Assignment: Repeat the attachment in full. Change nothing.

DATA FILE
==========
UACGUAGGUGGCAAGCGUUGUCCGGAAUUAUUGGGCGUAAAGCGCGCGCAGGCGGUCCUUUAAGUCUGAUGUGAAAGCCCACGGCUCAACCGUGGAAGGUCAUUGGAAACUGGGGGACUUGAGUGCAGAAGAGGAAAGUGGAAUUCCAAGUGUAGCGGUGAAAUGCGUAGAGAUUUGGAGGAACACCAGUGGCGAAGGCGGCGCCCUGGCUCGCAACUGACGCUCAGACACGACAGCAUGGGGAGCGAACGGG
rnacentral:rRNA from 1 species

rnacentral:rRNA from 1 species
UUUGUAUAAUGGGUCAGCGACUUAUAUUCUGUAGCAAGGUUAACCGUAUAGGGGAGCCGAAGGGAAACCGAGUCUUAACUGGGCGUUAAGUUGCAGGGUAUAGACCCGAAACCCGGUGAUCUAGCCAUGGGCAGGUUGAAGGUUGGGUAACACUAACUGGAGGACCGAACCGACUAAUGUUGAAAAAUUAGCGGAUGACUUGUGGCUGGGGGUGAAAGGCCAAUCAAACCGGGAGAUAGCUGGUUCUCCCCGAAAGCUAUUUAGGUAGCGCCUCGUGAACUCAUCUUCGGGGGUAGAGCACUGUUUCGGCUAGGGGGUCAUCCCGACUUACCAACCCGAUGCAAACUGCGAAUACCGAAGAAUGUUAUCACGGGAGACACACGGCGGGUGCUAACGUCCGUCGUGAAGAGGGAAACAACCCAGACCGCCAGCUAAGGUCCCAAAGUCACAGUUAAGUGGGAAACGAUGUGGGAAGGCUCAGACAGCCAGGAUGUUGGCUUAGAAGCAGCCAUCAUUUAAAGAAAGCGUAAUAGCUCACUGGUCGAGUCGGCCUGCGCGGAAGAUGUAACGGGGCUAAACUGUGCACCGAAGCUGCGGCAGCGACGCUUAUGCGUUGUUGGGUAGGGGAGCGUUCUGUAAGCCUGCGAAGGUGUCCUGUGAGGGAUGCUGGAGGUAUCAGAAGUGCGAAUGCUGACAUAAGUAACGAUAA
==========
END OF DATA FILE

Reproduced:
UACGUAGGUGGCAAGCGUUGUCCGGAAUUAUUGGGCGUAAAGCGCGCGCAGGCGGUCCUUUAAGUCUGAUGUGAAAGCCCACGGCUCAACCGUGGAAGGUCAUUGGAAACUGGGGGACUUGAGUGCAGAAGAGGAAAGUGGAAUUCCAAGUGUAGCGGUGAAAUGCGUAGAGAUUUGGAGGAACACCAGUGGCGAAGGCGGCGCCCUGGCUCGCAACUGACGCUCAGACACGACAGCAUGGGGAGCGAACGGG
rnacentral:rRNA from 1 species

rnacentral:rRNA from 1 species
UUUGUAUAAUGGGUCAGCGACUUAUAUUCUGUAGCAAGGUUAACCGUAUAGGGGAGCCGAAGGGAAACCGAGUCUUAACUGGGCGUUAAGUUGCAGGGUAUAGACCCGAAACCCGGUGAUCUAGCCAUGGGCAGGUUGAAGGUUGGGUAACACUAACUGGAGGACCGAACCGACUAAUGUUGAAAAAUUAGCGGAUGACUUGUGGCUGGGGGUGAAAGGCCAAUCAAACCGGGAGAUAGCUGGUUCUCCCCGAAAGCUAUUUAGGUAGCGCCUCGUGAACUCAUCUUCGGGGGUAGAGCACUGUUUCGGCUAGGGGGUCAUCCCGACUUACCAACCCGAUGCAAACUGCGAAUACCGAAGAAUGUUAUCACGGGAGACACACGGCGGGUGCUAACGUCCGUCGUGAAGAGGGAAACAACCCAGACCGCCAGCUAAGGUCCCAAAGUCACAGUUAAGUGGGAAACGAUGUGGGAAGGCUCAGACAGCCAGGAUGUUGGCUUAGAAGCAGCCAUCAUUUAAAGAAAGCGUAAUAGCUCACUGGUCGAGUCGGCCUGCGCGGAAGAUGUAACGGGGCUAAACUGUGCACCGAAGCUGCGGCAGCGACGCUUAUGCGUUGUUGGGUAGGGGAGCGUUCUGUAAGCCUGCGAAGGUGUCCUGUGAGGGAUGCUGGAGGUAUCAGAAGUGCGAAUGCUGACAUAAGUAACGAUAA